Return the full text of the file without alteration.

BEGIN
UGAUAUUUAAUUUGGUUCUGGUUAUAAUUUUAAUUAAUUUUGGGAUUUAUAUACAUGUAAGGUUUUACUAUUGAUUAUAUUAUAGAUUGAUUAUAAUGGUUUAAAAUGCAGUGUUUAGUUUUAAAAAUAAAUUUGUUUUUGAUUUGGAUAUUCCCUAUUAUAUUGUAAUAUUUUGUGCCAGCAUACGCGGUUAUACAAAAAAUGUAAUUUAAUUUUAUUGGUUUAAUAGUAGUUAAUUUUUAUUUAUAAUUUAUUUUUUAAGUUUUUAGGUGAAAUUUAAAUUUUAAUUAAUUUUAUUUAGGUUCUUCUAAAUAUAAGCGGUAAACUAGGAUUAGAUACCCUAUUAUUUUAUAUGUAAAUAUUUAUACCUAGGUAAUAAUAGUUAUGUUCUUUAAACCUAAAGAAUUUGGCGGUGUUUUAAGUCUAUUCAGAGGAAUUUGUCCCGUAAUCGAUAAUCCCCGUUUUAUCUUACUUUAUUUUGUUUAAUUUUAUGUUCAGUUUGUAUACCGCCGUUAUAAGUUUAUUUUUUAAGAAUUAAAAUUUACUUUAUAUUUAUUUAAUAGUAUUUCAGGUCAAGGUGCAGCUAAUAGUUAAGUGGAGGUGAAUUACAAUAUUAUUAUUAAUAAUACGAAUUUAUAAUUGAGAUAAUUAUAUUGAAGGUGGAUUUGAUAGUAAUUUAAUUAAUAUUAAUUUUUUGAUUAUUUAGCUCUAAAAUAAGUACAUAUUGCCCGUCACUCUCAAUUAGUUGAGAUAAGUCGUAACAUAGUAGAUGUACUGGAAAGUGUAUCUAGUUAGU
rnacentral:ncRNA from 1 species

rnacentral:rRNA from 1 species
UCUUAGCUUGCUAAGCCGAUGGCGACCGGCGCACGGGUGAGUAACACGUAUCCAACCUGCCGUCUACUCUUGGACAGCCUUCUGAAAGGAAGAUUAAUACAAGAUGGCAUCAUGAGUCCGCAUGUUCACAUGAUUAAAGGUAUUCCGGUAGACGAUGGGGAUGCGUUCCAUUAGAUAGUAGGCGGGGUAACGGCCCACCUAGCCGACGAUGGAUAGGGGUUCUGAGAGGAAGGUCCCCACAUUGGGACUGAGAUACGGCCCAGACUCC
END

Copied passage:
UGAUAUUUAAUUUGGUUCUGGUUAUAAUUUUAAUUAAUUUUGGGAUUUAUAUACAUGUAAGGUUUUACUAUUGAUUAUAUUAUAGAUUGAUUAUAAUGGUUUAAAAUGCAGUGUUUAGUUUUAAAAAUAAAUUUGUUUUUGAUUUGGAUAUUCCCUAUUAUAUUGUAAUAUUUUGUGCCAGCAUACGCGGUUAUACAAAAAAUGUAAUUUAAUUUUAUUGGUUUAAUAGUAGUUAAUUUUUAUUUAUAAUUUAUUUUUUAAGUUUUUAGGUGAAAUUUAAAUUUUAAUUAAUUUUAUUUAGGUUCUUCUAAAUAUAAGCGGUAAACUAGGAUUAGAUACCCUAUUAUUUUAUAUGUAAAUAUUUAUACCUAGGUAAUAAUAGUUAUGUUCUUUAAACCUAAAGAAUUUGGCGGUGUUUUAAGUCUAUUCAGAGGAAUUUGUCCCGUAAUCGAUAAUCCCCGUUUUAUCUUACUUUAUUUUGUUUAAUUUUAUGUUCAGUUUGUAUACCGCCGUUAUAAGUUUAUUUUUUAAGAAUUAAAAUUUACUUUAUAUUUAUUUAAUAGUAUUUCAGGUCAAGGUGCAGCUAAUAGUUAAGUGGAGGUGAAUUACAAUAUUAUUAUUAAUAAUACGAAUUUAUAAUUGAGAUAAUUAUAUUGAAGGUGGAUUUGAUAGUAAUUUAAUUAAUAUUAAUUUUUUGAUUAUUUAGCUCUAAAAUAAGUACAUAUUGCCCGUCACUCUCAAUUAGUUGAGAUAAGUCGUAACAUAGUAGAUGUACUGGAAAGUGUAUCUAGUUAGU
rnacentral:ncRNA from 1 species

rnacentral:rRNA from 1 species
UCUUAGCUUGCUAAGCCGAUGGCGACCGGCGCACGGGUGAGUAACACGUAUCCAACCUGCCGUCUACUCUUGGACAGCCUUCUGAAAGGAAGAUUAAUACAAGAUGGCAUCAUGAGUCCGCAUGUUCACAUGAUUAAAGGUAUUCCGGUAGACGAUGGGGAUGCGUUCCAUUAGAUAGUAGGCGGGGUAACGGCCCACCUAGCCGACGAUGGAUAGGGGUUCUGAGAGGAAGGUCCCCACAUUGGGACUGAGAUACGGCCCAGACUCC